Feast or famine?

The rain is falling this morning. At around 4:30 am, as I lay in bed, I could hear the first drops begin pattering on the eaves, and now, at around 6 am, they are playing a merry tune on the gutters. It’s going to be a wet one.

I’m still lying in bed, cozy as a hermit crab tucked in its shell, if crabs wore fluffy robes. I’ve already had tea and toast, and with each bite of toast, I was delighted by how good it tasted: the soft-crisp yield of the toasted bread, the sweet butter that clung briefly to the roof of my mouth, the pop of the sunflower- and poppy seeds that were baked into the loaf. I’m considering returning to my one-cup-in-the-morning habit of coffee because I miss the taste, especially now that colder weather is here. Green tea is good for me, but coffee isn’t bad, and I can drink green tea the rest of the day. I haven’t decided yet, but it’s no big whoop either way.

There are times when life does seem like a big whoop: when thoughts about particular events press down on my mind and cause me to suffer. I don’t know if you’re like this too, but I can see one word written, hear one word spoken, glimpse one expression cross a face, and create a maelstrom of fantasy around it. My stories usually serve up the worst-case scenarios, too; there’s rarely a story that paints me as the heroine, only the victim. Who wants to live that kind of story? Not you, and not me. Yet there are times I fall into that pattern of thought and don’t know how to get out of it. Like over the past couple days.

That’s when God speaks through good friends. I knew instinctively to talk to both Lorraine and Linda yesterday, aware that they would offer me distinctive insight based on their own experiences and beliefs, each of which is different from the other, as well as different from mine. The amazing thing was that, after listening to both of them, and even as I listened, I could distill from their individual systems (and we all have one!) the truths that were applicable to me, without having to take on their entire body of beliefs myself. And the great thing about both of them is that they recognize that their beliefs are their own, and don’t expect me to take them on. There is such great respect in that. I honor them for it.

And God speaks through good books. I was so encouraged this morning as I read the chapter “Healing the Emotional Body” from Ruiz’s The Mastery of Love. After practically every sentence, I had to stop and let his words take hold in my mind so I could absorb them into my spirit. I had a little revelation regarding that, too. I’ve always regretted my poor memory, and have rued the fact that I have to reread books over and over until their message finally sinks in, but it occurred to me that – as Eckhart Tolle keeps saying – the words are simply pointers to the truth. I don’t have to remember the pointers! Only the truth, and that’s already within me; that’s already owned by me, intrinsically part of me. The problem is not knowing the truth, but avoiding the tendency to pile layers of lies on top of it. We all, already, know who we are: we’re little bits of God, manifested. Not quite like the hermit crab in its shell, as our humanity is vital to our lives, very important and to be enjoyed to the fullest, but maybe more like the turtle. And I don’t mind comparing myself to a turtle at all. They rock.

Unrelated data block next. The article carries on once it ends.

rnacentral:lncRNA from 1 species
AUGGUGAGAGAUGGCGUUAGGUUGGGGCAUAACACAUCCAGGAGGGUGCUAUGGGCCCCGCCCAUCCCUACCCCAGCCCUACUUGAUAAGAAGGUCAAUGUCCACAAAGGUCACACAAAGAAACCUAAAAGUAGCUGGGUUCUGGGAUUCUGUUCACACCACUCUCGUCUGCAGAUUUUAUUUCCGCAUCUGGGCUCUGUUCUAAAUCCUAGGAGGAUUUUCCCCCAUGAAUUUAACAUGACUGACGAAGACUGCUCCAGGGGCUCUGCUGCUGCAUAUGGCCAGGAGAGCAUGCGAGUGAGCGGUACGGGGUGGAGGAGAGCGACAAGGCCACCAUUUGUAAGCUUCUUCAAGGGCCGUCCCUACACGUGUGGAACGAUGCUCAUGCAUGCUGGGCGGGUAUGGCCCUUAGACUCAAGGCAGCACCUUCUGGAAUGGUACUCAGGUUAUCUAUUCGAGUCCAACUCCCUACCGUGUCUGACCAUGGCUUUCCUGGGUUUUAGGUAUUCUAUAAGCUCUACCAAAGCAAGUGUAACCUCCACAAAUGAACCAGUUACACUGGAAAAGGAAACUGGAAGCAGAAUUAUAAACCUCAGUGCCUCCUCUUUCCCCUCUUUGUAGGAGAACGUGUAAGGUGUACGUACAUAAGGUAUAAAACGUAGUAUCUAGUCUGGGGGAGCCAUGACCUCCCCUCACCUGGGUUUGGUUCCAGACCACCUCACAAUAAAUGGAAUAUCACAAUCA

So now, right now in this moment, I feel the fullness of God in me. I know that I have control over myself and the power to create the life I want to lead. I have no power to control anyone else, and I don’t want it. I am responsible solely for myself, for the love I carry inside, the love I lavish on both myself and others, and that’s all I need to be responsible for. It’s all I can possibly manage, anyway! In any relationship, with anyone, we are responsible only for the half that we bring to it. We can’t make the other person happy. They can’t make us happy. That will never happen and if that’s what we expect, we will continue to be disappointed throughout the rest of our lives. We can bring only our own wholeness, our own love, our own happiness, to the table for feasting. If the other person is also whole, the feast will be great, but if they’re not, the feast will still be great because we always have enough to satisfy ourselves! That’s it.

And now I think I’ll read a little of Boy’s Life before I get dressed and go over to help Mom get to the doctor. Robert McCammon is such a fantastic writer; I was agog over the scenario featuring Cory, the protagonist, and his dying dog. The masters always stir us in some way, don’t they? I’m thinking of my own unrealized book… as well as of school, and other upcoming decisions. But those are for another day. I plan to spend the next hour right here, in bed, in my fluffy robe, reading another chapter of a marvelous book. Listening to the rain. Soaking it all in. I wish the best for you today, friends! Love you all!


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